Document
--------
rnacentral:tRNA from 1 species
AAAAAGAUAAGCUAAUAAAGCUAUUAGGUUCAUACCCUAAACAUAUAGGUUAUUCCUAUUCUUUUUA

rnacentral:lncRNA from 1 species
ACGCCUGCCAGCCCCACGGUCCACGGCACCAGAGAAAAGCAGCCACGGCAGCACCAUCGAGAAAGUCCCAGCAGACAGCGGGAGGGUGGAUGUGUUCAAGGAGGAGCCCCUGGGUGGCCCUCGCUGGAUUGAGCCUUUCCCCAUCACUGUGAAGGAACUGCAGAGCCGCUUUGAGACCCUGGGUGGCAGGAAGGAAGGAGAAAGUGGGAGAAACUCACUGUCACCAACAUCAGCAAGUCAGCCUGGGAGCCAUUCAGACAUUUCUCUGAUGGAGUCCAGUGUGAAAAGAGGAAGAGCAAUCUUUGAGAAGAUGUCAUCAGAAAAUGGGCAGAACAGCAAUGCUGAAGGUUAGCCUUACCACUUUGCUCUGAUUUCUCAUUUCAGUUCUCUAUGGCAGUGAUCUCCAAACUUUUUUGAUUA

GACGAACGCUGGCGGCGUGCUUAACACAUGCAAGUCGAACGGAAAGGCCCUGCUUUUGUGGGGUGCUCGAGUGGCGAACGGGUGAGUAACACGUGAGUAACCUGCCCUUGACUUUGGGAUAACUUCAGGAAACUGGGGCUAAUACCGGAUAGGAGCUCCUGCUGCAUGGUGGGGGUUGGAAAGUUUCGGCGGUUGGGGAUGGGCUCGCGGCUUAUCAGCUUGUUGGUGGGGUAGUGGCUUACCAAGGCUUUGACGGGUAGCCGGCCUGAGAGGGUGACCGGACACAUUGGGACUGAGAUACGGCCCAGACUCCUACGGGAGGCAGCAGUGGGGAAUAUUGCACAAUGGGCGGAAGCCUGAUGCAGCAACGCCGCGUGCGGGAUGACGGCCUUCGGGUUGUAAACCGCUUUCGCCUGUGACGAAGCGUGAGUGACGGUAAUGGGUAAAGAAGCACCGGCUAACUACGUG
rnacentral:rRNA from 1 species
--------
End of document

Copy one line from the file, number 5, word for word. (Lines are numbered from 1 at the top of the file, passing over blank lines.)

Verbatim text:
GACGAACGCUGGCGGCGUGCUUAACACAUGCAAGUCGAACGGAAAGGCCCUGCUUUUGUGGGGUGCUCGAGUGGCGAACGGGUGAGUAACACGUGAGUAACCUGCCCUUGACUUUGGGAUAACUUCAGGAAACUGGGGCUAAUACCGGAUAGGAGCUCCUGCUGCAUGGUGGGGGUUGGAAAGUUUCGGCGGUUGGGGAUGGGCUCGCGGCUUAUCAGCUUGUUGGUGGGGUAGUGGCUUACCAAGGCUUUGACGGGUAGCCGGCCUGAGAGGGUGACCGGACACAUUGGGACUGAGAUACGGCCCAGACUCCUACGGGAGGCAGCAGUGGGGAAUAUUGCACAAUGGGCGGAAGCCUGAUGCAGCAACGCCGCGUGCGGGAUGACGGCCUUCGGGUUGUAAACCGCUUUCGCCUGUGACGAAGCGUGAGUGACGGUAAUGGGUAAAGAAGCACCGGCUAACUACGUG